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SUBMI TTED BY:

ANNU BAHL
LL. M ( BUSI NESS LAW)
I V
TH
SEMESTER
AI ALS

REGULATION OF UNFAIR
TRADE PRACTICES UNDER
COMPETITION ACT 2002
TABLE OF CONTENTS
Introduction
Chapter-1:Competition Law in India
Chapter-2:Application of Competition Act.
Chapter-3:Regulatory framework
Chapter-4:Unfair Trade Practices
Chapter-5:Regulation of Unfair Trade Practices
Conclusion and Suggestion
INTRODUCTION
In the wake of economic liberalization and
widespread economic reforms, the Competition
Act 2002 was enacted . The Competition Act has
been designed to deal with matters relating to the
existence and regulation of competition and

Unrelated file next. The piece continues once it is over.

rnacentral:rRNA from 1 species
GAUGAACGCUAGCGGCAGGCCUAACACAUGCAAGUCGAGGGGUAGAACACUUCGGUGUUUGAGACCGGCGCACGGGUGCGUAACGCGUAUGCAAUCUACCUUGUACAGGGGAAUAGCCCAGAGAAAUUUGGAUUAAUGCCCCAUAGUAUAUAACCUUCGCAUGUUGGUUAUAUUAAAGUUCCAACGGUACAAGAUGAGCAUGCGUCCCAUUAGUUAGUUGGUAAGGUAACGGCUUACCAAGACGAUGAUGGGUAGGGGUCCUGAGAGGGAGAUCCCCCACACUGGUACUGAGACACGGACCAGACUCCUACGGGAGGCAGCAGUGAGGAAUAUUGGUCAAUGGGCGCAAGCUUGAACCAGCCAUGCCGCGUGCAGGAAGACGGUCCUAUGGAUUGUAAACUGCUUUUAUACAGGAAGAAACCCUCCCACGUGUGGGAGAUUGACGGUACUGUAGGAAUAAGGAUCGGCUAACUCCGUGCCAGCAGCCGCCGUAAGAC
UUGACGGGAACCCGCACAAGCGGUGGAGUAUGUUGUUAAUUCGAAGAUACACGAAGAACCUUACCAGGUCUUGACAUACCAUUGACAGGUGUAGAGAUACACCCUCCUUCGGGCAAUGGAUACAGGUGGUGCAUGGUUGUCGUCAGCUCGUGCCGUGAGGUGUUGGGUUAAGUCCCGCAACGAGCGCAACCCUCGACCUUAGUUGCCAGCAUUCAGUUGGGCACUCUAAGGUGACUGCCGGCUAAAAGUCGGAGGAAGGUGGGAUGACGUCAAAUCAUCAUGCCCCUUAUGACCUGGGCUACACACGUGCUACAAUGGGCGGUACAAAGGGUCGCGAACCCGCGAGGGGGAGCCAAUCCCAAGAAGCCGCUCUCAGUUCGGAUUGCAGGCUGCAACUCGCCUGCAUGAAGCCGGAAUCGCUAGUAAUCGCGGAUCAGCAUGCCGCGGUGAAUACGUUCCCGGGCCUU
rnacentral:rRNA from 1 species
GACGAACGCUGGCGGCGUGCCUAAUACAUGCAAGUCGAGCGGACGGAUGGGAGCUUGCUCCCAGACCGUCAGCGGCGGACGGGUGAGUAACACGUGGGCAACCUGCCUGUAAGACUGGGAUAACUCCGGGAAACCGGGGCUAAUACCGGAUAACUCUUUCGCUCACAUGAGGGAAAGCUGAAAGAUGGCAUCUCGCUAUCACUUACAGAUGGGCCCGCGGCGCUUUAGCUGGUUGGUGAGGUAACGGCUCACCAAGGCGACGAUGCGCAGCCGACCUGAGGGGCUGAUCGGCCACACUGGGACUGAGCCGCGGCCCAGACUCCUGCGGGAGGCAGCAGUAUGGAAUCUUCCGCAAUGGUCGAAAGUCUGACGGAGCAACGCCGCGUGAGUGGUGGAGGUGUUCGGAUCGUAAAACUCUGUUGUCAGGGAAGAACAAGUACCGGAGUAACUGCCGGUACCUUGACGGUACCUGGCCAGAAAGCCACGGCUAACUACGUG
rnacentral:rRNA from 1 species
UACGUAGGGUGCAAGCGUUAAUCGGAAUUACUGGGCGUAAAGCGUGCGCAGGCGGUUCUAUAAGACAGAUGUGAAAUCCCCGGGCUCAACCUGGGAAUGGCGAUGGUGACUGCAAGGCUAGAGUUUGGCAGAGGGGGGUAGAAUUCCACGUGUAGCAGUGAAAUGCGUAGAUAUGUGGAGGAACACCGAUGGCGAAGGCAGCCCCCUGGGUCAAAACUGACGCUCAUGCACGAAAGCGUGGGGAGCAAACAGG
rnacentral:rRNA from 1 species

monopolies.

COMPETITION LAW IN INDIA
Historical background for Competition Law.
Need of Competition Law.
Competition Policy
Repealing of MRTP Commission.

HISTORICAL BACKGROUND
Law governing competition is found in over two millennia
of history.
The formal study of "competition began in earnest during
the 18th century.
Modern competition law begins with the competition law
enacted by Canada in 1889 followed by the United States
legislation of the Sherman Act of 1890 and the Clayton
Act of 1914.
Articles 38 and 39 of the Constitution of India triggered to
Competition Law in India.
NEED OF COMPETITION LAW
India has become one of the worlds fastest growing
economies.
MRTP Act, 1969 had become obsolete in certain respects
in the light of international economic developments.
Raghavan Committee recommended for the new
competition policy in India.